For Glaspy, Devotion is more about evolution than total transformation. The distinctive personality that marked Emotions and Math is still very much in evidence here. On her debut, Glaspy could be bracingly direct as she chronicled the trials of being alone or the tribulations of being together. She brought swagger, as well as sensitivity, to her lyrics and her performances. On Devotion, she still does, but her perspective has changed: "This record is very different from the last. It’s not about being righteous or all-knowing, it's about letting love in even when you don't know what will happen when you do. It's about devoting your heart to someone or something, against all odds.”
Glaspy toured throughout the USA, Canada, Europe, China and Australia behind Emotions & Math, including dates with Wilco and The Lumineers among others – she also appeared on NPR’s Tiny Desk, CBS Saturday Morning and CONAN. Finding herself in her Brooklyn apartment after all of her travels, Glaspy admits, “It was such a shift for me that I didn’t know what to do with myself when I closed that chapter. I was feeling pretty shy. I like to be alone and I had constantly been around people for two or three years straight. I took a long breath, reorienting myself, trying to find my in to get inspired and to get excited about making records again.”
Glaspy enlisted L.A.-based producer and multi-instrumentalist Tyler Chester, who has collaborated with Blake Mills and Jackson Browne among many others, to produce Devotion - recorded at Atomic Sound in Red Hook, Brooklyn, where they made the bulk of the album. As Glaspy notes, “Tyler and I proved to be a very good match in the studio. I love being very hands-on with my records and he was a force of nature without restricting my sense of what the record should be. His instincts and ability are truly inspiring." They brought in Glaspy’s touring drummer Tim Kuhl to complete the picture with his brilliantly artful and austere sense of the kit paired with Chester’s programming. Brooklyn-based engineer, Mark Goodell captured these performances masterfully and James Krausse (Los Angeles) mixed Devotion in a way that Margaret says, “she has always envisioned her music sounding like.”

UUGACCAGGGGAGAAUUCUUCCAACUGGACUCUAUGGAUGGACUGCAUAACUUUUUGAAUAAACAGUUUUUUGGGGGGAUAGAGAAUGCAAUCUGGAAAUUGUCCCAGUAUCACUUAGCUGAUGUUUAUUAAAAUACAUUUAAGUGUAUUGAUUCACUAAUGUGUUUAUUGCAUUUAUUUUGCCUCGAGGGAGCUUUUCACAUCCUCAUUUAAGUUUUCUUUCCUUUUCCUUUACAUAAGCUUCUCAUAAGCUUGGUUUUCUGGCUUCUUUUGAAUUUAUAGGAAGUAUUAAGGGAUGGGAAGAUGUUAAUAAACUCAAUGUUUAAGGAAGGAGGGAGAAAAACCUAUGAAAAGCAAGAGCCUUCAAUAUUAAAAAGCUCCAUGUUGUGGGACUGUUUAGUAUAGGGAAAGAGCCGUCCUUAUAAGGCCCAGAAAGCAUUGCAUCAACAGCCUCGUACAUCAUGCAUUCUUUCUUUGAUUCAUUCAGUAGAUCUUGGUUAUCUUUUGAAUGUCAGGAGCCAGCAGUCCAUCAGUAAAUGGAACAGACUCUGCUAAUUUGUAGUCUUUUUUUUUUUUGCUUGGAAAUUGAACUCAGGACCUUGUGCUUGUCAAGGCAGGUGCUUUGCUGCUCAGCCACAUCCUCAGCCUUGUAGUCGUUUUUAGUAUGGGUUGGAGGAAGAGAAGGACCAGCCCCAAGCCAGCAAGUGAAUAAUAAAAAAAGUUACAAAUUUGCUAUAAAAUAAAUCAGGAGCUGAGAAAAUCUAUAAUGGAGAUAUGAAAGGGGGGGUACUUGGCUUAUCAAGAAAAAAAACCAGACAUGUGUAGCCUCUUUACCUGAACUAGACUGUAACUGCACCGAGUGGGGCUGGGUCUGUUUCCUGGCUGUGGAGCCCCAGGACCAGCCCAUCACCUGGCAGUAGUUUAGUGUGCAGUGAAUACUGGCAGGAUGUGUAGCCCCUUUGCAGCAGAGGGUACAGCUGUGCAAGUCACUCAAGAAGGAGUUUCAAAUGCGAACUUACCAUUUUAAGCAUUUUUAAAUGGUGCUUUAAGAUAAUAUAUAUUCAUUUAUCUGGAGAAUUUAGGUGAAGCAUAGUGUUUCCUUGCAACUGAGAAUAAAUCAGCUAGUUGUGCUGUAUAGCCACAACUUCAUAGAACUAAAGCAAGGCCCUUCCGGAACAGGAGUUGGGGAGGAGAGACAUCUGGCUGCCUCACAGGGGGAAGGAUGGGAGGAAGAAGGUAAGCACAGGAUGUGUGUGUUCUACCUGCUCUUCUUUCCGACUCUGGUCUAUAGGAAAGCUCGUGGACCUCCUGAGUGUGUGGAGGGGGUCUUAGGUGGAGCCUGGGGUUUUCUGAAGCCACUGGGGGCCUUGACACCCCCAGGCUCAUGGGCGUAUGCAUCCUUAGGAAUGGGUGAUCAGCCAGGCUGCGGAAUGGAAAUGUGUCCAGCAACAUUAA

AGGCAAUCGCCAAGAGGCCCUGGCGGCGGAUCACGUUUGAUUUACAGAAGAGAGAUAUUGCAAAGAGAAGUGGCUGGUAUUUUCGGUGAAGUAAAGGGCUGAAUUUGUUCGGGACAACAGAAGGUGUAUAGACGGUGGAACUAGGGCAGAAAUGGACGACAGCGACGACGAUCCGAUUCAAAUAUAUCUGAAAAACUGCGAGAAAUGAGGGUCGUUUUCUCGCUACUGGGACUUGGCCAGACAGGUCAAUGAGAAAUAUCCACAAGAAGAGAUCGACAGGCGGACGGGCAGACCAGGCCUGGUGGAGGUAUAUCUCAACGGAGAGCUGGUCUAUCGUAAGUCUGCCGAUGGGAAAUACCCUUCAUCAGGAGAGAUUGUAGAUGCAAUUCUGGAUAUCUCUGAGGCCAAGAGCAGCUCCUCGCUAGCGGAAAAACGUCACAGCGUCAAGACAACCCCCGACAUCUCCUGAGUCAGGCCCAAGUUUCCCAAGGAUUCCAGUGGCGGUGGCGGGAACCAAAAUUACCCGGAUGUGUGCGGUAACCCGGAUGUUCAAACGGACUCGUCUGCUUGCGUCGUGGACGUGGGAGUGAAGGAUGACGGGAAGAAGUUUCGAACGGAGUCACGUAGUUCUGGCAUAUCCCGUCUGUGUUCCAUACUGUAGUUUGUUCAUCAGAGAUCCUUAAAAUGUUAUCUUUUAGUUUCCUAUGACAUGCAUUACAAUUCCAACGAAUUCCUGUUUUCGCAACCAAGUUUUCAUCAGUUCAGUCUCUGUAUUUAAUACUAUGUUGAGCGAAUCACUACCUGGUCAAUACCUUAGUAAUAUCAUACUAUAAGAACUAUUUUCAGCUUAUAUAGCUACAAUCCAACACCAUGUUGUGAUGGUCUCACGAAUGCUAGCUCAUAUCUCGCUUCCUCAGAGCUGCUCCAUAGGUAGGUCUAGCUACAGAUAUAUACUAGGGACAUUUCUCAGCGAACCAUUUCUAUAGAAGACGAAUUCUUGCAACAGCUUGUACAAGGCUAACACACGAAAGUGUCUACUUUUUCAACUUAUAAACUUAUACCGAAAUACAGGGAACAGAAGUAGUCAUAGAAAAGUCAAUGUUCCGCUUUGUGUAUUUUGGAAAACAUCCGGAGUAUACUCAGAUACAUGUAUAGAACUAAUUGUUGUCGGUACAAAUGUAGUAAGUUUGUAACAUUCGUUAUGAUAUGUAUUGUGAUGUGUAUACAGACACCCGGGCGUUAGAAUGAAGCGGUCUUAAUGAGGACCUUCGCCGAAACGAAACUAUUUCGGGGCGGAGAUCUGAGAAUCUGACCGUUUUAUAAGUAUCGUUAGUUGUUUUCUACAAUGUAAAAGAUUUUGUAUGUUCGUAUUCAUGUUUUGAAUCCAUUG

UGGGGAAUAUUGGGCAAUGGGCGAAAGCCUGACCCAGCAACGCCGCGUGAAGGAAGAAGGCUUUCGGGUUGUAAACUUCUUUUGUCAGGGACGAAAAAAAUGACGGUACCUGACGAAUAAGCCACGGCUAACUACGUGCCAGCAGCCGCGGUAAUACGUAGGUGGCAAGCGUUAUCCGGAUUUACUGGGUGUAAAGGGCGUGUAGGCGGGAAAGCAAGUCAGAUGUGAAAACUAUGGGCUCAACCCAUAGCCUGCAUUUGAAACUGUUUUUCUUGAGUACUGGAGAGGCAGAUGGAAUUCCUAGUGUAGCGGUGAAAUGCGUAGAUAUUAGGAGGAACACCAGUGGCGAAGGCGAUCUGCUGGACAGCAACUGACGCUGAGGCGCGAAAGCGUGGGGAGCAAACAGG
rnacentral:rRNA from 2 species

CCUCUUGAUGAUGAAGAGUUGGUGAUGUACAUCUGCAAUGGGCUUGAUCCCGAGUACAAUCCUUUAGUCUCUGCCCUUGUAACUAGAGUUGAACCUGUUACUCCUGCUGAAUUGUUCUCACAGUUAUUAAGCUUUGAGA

“It has been amazing to be able to stretch out,” she says, “to not define myself just by the music I make, but to follow my nose toward all the things that make me happy.” A good example: Glaspy enlisted herself in distance education through Harvard University to fulfill her dream of getting an education outside of music: “Embracing being a student has made me feel like a child again and I think that has helped to propel my music forward so much more. My brain feels happy.”
Devotion, then, is like a series of hard-earned life lessons. Glaspy’s evolution over the last few years has been both musical and personal, which makes the album that much more compelling: “I’m learning that life is painful but you take the bad with the good; that love is hard but if you love someone, you make yourself available; that life is short and it’s okay to be sincere. I’m starting to be able to write about these things and it’s a feat for myself as an artist and growth for me as a person.”